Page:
…and “mind over matter”.
Maybe I’m becoming a true believer.
Photograph of the Duomo d’Oriveto by Toni DeBella
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Posted in Americans Abroad, Expat in Italy, Italy, Living in Italy, Orvieto, Travel, Umbria, tagged Bangkok, expat in Italy, italian news, italian teacher, JFK, living in Italy, Orvietini, Orvieto on December 6, 2012 |
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This is an actual email I received this morning from a friend:
Soooo….how is everything?
Lots of rain here.
My roof is leaking.
Just got in from my second trip to JFK in a week.
I spent a week in Bangkok last month.
Tell me all about your new life.
6 December, 2012
We had a flood here four weeks ago. Bad.
I sit in my office a lot in front of my computer.
I drink too many cappuccinos.
I ran into my ex the other day. Awkward.
Haven’t eaten any pasta yet.
Only ate one gelato.
Eva is a great Italian teacher.
Had to substitute her for the Italian news online.
I changed my cellular provider without help.
It took two attempts.
It rained yesterday.
Supermarket is closed on Wednesdays.
I ate cereal for dinner.
The Mayor says I belong in a category called “Orvietini”
I like it.
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Posted in Artists in Italy, Italy, Living in Italy, Orvieto, Travel, Umbria, tagged arts, Caravaggio, Italian ceramics, Majolica, Marino Moretti, Viceno on December 3, 2012 |
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How often do I get to say this sentence?
“Last night I went to a party in a castle.”
The event was hosted by the amazing talent and Caravaggio lookalike, ceramic artist Marino Moretti. Inside his studio, located in a partially restored 9th century castle in the town of Viceno, people gathered for a pre-holiday brindisi (toast). I tagged along with my friend textile conservator and dealer Igor (Ilkka Juhani) Honkanen. I was pleasantly surprised to see other friends who were in attendance. I’m the new girl in town – well not really.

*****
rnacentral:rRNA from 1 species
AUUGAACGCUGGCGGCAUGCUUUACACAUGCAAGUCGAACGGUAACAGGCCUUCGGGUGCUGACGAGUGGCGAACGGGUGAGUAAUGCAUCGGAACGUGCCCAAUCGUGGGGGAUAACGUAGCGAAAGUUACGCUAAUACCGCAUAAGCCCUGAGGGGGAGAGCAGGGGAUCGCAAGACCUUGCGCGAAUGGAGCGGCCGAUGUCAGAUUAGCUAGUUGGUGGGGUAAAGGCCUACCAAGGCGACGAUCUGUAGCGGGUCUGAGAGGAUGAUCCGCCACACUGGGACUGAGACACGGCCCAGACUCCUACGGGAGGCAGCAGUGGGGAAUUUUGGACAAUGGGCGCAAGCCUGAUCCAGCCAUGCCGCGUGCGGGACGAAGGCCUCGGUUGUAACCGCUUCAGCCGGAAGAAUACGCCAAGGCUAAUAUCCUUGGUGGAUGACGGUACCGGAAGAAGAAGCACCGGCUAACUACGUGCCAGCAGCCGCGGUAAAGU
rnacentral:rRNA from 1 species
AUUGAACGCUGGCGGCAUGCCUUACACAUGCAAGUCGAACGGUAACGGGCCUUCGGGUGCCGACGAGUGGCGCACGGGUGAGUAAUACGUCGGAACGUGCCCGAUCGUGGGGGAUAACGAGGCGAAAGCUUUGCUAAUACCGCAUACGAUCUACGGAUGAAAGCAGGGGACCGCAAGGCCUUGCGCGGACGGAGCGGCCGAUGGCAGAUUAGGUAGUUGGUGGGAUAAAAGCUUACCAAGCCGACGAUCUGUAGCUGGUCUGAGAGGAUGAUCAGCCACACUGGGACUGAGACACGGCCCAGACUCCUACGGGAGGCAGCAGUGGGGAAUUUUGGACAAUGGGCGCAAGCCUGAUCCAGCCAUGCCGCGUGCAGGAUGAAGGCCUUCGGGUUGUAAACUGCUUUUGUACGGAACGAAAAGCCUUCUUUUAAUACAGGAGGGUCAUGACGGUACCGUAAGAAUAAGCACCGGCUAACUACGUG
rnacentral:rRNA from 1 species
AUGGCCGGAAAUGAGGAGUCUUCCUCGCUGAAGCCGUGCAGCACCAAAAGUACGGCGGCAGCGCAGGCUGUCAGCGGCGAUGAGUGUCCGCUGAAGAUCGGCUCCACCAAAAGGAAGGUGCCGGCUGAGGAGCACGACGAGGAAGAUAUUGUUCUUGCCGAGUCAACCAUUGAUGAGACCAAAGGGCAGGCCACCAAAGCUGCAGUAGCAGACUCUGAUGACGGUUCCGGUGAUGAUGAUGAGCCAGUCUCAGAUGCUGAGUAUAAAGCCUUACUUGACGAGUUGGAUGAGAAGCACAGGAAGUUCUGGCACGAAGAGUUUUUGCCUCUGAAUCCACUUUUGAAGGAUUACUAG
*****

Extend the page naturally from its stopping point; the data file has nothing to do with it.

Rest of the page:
Two guys were hunched over in an intense conversation in front of the fire, and Igor split off to talk to some other people, so I wandered around the hall in awe of all the colorful pottery surrounding us. Marino’s lovely wife was such a gracious hostess and the couple’s handsome teenage son acted as the bartender. I was trying to play it cool and take it all in – the food and wine, the atmosphere and art – but the phrase kept repeating in my head, “I am in a castle, I am in a castle, I am in a castle”.
As for Marino’s works, they are quite particular. His pieces belong mostly in the category of Majolica (Maiolica) ceramics, but what I really want you to know is that they belong in a class by themselves.
Majolica is a traditional way of tin-glazing pottery that dates back to the 13th century. The technique uses strong bright colors and often depicts historical and legendary stories through figures and scenes. Moretti’s creations come in all forms of earthenware, terracotta and porcelain. Since the 1970s, Marino has gathered quite a large and loyal following.
Tonight the main room was filled with whimsical pottery displayed in groupings of vases, bowls and platters. In the corner were spindly garden sculptures, and handpainted tiles of yellow, blue, green and red hung like Renaissance calling cards. Happy medieval figures danced around bowls and ancient fish swam across platters. Even a crazy man was biting his own tail – this is serious art that doesn’t take itself too seriously.